Saturday was one of those days when baseball fans looked at MLB’s schedule, perused the pitching matchups and more than likely became very excited because a bunch of aces were slated to start. So in case you missed what happened, here is your roundup:
• Chicago’s Chris Sale was simply dominant against the sliding Minnesota Twins en route to a 7-0 win at Target Field. It was the 10th win of the season for White Sox’s ace, and it makes him the first Sox starter to win 10 of his first 11 starts since Mark Buehrle accomplished the same feat back in 2005. Sale lasted eight innings, gave up five hits -- all singles -- and walked two while collecting 12 strikeouts.
The biggest threat from Minnesota’s offense came against Sale during the second inning, after he walked Kurt Suzuki, who advanced Josh Willingham to second base. After that, Sale barely broke a sweat. He had three innings in which he set down the batters in order, and he recorded at least one strikeout in every inning he pitched.
According to Brooks Baseball, Sale was averaging 95.3 mph on his fastball while dialing it up to 97.3 mph when needed. He threw his two-seamer 63 times while sprinkling in his changeup (30) and slider (19). Seven of Sale’s 12 strikeouts were of the swinging variety. He got nine swings on misses on his changeup, and four of the singles came off his fastball, while one came off his changeup. The Twins could not do anything against his slider.
• Sonny Gray, the ace of the Oakland Athletics, faced the lowly Texas Rangers in Arlington. While he picked up the win, which was Oakland’s 64th of the season, Gray wasn’t as dominant as you’d want your ace to be against the worst team in baseball. Gray lasted 6 2/3 innings and surrendered one earned run on seven hits, but he walked four and struck out five. His season ERA is now 2.65.
Gray favored his fastballs (two-seam, four-seam) and curveballs equally and got the most swings on the four-seamer. He also got the most strikes on the curve. It was his 12th win of the season, and he moved his strikeout total up to 121 on the season.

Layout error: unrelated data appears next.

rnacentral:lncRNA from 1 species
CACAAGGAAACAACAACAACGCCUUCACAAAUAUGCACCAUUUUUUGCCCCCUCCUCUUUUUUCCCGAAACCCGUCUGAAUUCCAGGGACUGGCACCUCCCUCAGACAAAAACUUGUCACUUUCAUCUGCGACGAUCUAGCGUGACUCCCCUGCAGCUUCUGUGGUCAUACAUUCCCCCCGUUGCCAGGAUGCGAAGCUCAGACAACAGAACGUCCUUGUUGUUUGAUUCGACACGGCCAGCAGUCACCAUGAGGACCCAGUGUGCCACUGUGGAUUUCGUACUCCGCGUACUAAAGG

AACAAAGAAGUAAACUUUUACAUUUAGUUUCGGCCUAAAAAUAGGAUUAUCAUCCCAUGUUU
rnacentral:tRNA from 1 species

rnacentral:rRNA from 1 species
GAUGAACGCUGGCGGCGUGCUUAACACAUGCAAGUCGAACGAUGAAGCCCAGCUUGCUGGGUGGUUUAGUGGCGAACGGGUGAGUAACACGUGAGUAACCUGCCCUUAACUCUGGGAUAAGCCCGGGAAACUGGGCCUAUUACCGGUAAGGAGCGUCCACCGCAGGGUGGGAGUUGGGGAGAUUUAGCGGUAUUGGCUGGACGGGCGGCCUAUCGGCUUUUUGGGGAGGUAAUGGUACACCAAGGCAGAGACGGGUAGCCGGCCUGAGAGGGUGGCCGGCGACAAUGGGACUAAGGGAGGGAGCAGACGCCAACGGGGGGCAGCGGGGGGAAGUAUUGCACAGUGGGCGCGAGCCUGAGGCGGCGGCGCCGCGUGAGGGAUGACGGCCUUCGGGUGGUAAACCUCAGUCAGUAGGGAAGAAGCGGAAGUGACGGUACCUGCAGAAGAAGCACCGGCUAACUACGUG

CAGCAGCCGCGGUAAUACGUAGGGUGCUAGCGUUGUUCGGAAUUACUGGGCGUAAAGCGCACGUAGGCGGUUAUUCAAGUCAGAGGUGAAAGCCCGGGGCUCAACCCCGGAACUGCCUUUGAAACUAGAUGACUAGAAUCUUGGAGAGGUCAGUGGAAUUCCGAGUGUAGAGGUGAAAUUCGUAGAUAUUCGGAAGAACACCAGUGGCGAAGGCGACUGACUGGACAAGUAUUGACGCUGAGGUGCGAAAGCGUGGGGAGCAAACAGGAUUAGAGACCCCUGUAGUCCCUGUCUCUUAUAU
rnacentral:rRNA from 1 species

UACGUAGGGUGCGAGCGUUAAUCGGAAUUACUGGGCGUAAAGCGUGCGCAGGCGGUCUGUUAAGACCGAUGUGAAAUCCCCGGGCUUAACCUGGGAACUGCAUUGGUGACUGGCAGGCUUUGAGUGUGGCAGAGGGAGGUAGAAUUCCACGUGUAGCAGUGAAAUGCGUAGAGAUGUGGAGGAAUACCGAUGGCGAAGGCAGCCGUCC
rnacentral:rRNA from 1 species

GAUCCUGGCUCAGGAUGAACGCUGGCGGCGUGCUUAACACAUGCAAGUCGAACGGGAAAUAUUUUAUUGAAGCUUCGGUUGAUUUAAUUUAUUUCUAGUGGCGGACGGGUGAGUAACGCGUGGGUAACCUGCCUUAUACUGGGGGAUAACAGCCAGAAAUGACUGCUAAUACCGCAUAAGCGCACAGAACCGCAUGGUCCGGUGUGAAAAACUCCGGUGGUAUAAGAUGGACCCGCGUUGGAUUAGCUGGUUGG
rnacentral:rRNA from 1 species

• Longtime Cy Young front-runner Justin Verlander didn’t fare well against the resurgent Los Angeles Angels of Anaheim. He picked up his ninth loss of the season but wasn’t exactly that bad. For other pitchers, a seven-inning, three-run performance could earn them a victory, but that didn’t happen for Verlander. Unfortunately for him and the Tigers, they ran into Matt Shoemaker, who pitched a gem -- seven innings, three hits, five strikeouts and no walks.
Verlander’s record is now at .500 (9-9), and his ERA is a robust 4.79. While he’s been struggling to put something good together all season, Detroit fans should be relieved about his velocity going back to more Verlander-like levels; on Saturday night his fastball was sitting around 96 mph.
• In Cincinnati, Johnny Cueto and Gio Gonzalez of the Nationals were locked in a pitcher’s duel that was ultimately won by the Reds’ ace thanks to a seven-inning, four-hit, nine-strikeout performance. Cueto, who saw his season ERA drop to a 2.08, threw 103 pitches -- 67 for strikes. The 28-year-old Cueto now leads the National League in innings pitched (155.2) and looks to be a front-runner for the NL Cy Young. He also has held opponents to a .184 batting average and has a WHIP of 0.93. He has 163 strikeouts on the season along with 11 wins.
Unlike Sale, Cueto used a bigger variety of pitches to get to the Nationals. According to Brooks, while Cueto favored his four-seamer -- he threw it 36 times -- he also sprinkled in 21 two-seamers, 16 cutters, 13 sliders and 11 changeups. He recorded a three-up, three-down inning in the third and struck out all three batters (two swinging).
• Last, but certainly not least in any sense of the word, we have another NL Cy Young front-runner, Clayton Kershaw of the Dodgers, who did Clayton Kershaw things against the San Francisco Giants in one of those games you don’t want to say is big because it’s still only July, but in actuality, it is pretty big.
So what exactly did Kershaw do? He only pitched a complete-game shutout while giving up two hits and striking out seven. The poor Giants just didn’t have an answer for Kershaw, who picked up his 12th win of the season and lowered his ERA to 1.76. He favored his four-seam fastball and threw 68 of them while tossing 113 pitches overall. He set down the Giants in order during the first four innings of the game. The win helped the Dodgers pull ahead of the Giants in the NL West standings.